10 — Musically speaking, where do you see yourself in 10 years?
Just as I am now, learning and exploring the infinite universe of musical possibilities.
CONNECT WITH DIEGO DRUCK NOW!
Beth Crowley: From Books To Music — A Revealing Interview
In this revealing interview, Beth Crowley shares insights into her creative process, the challenges she faces as an artist, and her passion for books and reading. Get ready to dive into the mind of this talented woman and find out what makes her music unique.
1 — Can you tell us about your new single “The Ghost Who Is Still Alive” and how it relates to the book of the same name?
“The Ghost Who Is Still Alive” is based on the book The Invisible Life of Addie LaRue by V.E. Schwab, which is about a woman who makes a bargain with the devil where she will get to live forever, but the catch is that no one she meets will remember her. It’s such an interesting premise for a story — how much of life’s enjoyment comes from the people around you who love you? For the song, I wanted to capture how sad and haunting it would be to know that you can’t truly make an impact on the world. I tried to take some themes from the book so that people who have read it will know the “easter eggs” in the song, but it’s not so specific that people who haven’t read it wouldn’t enjoy it.
2 — What makes this composition worth listening to?
I am always proudest of my lyrics. It’s such a careful and painstaking process to craft the exact right lyrics, so I hope that alone makes “The Ghost Who Is Still Alive” worth listening to.
3 — Is there any specific book or author that has had a significant impact on your music?
I don’t think my first book-based song “Warrior” would have taken off like it did if it weren’t for Cassandra Clare (the author of the books it was based on) being incredibly kind and supportive not only when it came out but in the years since. I will always be grateful to her for that.
4 — What would be the title of your life story if it was a book?
Well, This Has Been Unexpected.
5 — Your tunes are often described as emotional piano ballads with cinematic elements. Are you open to experimenting with different sounds in the future?
Absolutely! I don’t think I have painted myself into a corner throughout the years with only having one “sound”— I have had songs that are a little more Rock, musical theatre, or even Country. Doing the same thing over and over again is boring, and I don’t ever want my music to get too predictable.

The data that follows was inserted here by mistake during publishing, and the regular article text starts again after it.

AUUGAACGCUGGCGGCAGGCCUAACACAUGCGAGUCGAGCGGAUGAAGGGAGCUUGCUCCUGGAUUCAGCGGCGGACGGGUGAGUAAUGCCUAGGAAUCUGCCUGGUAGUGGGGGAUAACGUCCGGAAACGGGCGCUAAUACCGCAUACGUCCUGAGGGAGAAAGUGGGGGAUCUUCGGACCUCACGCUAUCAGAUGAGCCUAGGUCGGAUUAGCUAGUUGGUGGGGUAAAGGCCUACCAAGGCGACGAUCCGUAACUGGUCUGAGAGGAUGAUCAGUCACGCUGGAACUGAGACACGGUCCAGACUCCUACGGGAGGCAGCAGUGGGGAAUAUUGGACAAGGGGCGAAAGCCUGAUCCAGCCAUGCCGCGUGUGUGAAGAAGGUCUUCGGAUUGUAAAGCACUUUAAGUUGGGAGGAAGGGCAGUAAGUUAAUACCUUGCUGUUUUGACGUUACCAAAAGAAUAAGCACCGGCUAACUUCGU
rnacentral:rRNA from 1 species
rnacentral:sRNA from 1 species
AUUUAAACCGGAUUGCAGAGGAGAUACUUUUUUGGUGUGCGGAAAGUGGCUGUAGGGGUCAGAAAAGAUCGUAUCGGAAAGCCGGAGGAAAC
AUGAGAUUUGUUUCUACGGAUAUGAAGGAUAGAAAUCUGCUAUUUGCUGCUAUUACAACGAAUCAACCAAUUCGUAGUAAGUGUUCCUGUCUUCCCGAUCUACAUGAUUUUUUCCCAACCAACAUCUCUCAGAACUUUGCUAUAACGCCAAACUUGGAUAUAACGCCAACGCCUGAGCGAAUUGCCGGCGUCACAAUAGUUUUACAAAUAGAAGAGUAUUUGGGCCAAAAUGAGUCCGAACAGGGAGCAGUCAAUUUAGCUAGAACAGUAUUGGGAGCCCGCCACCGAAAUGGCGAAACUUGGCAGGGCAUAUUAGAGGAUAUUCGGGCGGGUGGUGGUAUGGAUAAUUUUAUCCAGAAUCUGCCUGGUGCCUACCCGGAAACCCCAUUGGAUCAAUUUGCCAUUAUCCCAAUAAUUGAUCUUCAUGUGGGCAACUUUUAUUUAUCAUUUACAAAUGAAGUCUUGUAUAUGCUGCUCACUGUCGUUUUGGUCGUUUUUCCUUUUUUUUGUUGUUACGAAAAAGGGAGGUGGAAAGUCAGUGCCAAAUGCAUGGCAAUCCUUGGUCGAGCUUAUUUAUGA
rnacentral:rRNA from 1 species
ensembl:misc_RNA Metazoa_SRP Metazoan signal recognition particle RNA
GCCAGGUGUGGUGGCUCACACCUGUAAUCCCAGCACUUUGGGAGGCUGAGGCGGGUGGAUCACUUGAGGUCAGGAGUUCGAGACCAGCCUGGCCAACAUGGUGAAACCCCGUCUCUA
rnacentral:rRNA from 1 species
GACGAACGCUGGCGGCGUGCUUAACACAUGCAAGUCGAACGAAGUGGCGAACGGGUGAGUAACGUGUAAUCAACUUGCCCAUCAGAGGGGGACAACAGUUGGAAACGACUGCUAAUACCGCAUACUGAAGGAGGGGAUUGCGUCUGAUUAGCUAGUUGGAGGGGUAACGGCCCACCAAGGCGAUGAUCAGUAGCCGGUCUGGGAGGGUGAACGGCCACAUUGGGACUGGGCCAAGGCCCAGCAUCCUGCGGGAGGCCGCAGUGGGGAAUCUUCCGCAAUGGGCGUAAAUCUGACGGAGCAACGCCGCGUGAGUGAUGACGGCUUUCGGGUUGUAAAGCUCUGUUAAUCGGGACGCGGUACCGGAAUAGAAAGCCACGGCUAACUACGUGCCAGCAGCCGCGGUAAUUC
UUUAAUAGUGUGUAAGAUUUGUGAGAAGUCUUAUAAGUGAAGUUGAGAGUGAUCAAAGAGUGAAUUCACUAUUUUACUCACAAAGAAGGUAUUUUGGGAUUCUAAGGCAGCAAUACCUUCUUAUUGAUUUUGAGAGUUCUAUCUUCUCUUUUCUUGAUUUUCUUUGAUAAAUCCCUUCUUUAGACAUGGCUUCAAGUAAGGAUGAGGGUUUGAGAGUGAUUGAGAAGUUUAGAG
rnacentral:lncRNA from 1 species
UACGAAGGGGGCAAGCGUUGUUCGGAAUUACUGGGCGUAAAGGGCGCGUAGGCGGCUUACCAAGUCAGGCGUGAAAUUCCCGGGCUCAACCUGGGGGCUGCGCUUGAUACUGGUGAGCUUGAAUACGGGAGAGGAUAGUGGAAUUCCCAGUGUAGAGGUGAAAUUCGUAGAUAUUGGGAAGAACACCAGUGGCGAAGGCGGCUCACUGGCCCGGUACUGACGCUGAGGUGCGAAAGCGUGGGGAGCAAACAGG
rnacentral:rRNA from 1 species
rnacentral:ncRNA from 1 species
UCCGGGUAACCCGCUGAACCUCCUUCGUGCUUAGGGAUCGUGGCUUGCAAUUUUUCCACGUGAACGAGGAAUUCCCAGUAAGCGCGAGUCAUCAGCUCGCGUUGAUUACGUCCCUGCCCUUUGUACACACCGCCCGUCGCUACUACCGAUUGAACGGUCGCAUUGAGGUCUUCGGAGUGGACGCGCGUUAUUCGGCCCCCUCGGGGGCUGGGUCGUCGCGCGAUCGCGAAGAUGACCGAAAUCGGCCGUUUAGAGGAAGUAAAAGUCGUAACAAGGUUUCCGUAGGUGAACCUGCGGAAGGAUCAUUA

6 — “Warrior” is your most popular track to date, and it has been streamed over 16 million times on Spotify. What do you believe to be the key factors that contributed to this achievement?
Like I said earlier, Cassandra Clare sharing the song and being so supportive is a huge factor in that. But I also think “Warrior” just resonated with people. It’s about realizing that you are stronger than you think you are, which is something we not only see in tons of different characters through books/movie/television, but something people relate to within themselves as well.
I hate to be vague and say that it’s just a feeling I get, but it really is. When I am writing a song, sometimes I’ll finish a full set of lyrics and just sit with it for a while to see if it still feels right. But sometimes I immediately know it’s done. When I am in the studio, my producer Daniel and I will usually get to a point where we think it might be ready, then listen all the way through one more time just to make sure. It really does just boil down to a “feeling” though.
8 — What are some of the biggest challenges you have faced in your artistic career?
I think my biggest struggle has been trying to not take numbers and social media algorithms too personally. No one really knows how the algorithms work, which can be frustrating when it feels like they control if people are going to hear your music or not. When the algorithms don’t work in your favor and a song doesn’t do as well as you hoped, it’s easy to feel like it’s a failure even if the people who do hear it have good things to say about it. I have to remind myself that I can only do so much and just keep putting out music that I am proud of.